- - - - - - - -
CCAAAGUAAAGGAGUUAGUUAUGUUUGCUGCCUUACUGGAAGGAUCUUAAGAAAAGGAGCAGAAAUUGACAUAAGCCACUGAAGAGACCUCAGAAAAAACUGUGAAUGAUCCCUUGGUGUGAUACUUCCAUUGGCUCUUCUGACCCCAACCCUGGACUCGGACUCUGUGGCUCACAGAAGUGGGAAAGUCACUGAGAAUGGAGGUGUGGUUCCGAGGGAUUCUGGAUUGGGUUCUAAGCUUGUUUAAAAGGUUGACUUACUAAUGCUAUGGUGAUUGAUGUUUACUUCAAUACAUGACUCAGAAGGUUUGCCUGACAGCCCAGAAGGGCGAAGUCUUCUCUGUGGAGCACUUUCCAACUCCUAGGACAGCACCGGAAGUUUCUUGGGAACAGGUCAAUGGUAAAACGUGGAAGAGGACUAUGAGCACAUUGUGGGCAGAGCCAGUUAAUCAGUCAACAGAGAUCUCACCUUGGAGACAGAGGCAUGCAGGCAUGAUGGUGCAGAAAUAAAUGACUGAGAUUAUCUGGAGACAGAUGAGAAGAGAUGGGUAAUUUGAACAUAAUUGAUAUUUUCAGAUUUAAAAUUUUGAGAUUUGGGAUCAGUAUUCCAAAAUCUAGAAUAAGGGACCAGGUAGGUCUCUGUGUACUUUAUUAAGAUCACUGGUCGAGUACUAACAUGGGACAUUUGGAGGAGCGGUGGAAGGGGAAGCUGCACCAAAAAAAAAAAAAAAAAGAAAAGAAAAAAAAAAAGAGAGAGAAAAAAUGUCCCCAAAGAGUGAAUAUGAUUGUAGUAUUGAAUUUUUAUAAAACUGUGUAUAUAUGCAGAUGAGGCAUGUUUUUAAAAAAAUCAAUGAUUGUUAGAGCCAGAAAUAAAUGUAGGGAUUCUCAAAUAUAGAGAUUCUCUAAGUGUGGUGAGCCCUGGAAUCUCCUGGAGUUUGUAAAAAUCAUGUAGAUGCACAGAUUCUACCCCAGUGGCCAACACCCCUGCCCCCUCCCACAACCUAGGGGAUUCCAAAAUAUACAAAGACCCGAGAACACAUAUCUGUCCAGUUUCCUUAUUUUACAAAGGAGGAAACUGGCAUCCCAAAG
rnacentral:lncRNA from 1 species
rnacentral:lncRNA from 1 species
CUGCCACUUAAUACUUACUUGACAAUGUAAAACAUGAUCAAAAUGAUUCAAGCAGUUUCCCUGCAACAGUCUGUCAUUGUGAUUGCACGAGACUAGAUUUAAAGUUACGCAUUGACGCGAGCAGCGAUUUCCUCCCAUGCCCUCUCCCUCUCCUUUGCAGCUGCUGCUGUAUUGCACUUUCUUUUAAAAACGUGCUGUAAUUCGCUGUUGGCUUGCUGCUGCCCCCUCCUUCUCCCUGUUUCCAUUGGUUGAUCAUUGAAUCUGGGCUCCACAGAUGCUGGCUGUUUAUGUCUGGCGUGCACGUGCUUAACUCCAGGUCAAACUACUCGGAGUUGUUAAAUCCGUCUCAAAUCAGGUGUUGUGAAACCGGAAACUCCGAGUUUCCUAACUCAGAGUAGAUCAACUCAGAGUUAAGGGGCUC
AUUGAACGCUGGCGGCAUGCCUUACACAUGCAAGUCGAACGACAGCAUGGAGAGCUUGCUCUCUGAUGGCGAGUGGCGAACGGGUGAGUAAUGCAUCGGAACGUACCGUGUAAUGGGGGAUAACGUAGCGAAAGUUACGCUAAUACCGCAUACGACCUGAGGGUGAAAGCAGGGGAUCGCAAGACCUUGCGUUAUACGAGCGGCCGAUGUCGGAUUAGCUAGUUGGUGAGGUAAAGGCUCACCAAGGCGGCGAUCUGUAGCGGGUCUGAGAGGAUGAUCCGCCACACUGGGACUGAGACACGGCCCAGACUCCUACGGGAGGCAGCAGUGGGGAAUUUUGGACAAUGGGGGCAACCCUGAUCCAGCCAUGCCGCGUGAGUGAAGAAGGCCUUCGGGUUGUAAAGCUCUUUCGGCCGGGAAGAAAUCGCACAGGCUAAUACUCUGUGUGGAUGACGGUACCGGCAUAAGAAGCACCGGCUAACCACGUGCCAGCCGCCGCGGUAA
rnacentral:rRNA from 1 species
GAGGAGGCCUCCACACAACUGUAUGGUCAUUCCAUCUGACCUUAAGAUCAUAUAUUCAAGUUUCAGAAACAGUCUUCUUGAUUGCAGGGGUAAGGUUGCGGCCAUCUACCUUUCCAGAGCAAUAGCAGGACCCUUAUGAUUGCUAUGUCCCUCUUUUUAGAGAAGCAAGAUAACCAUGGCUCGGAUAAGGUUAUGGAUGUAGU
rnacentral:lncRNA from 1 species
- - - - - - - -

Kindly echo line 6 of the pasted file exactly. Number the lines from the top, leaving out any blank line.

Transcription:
rnacentral:rRNA from 1 species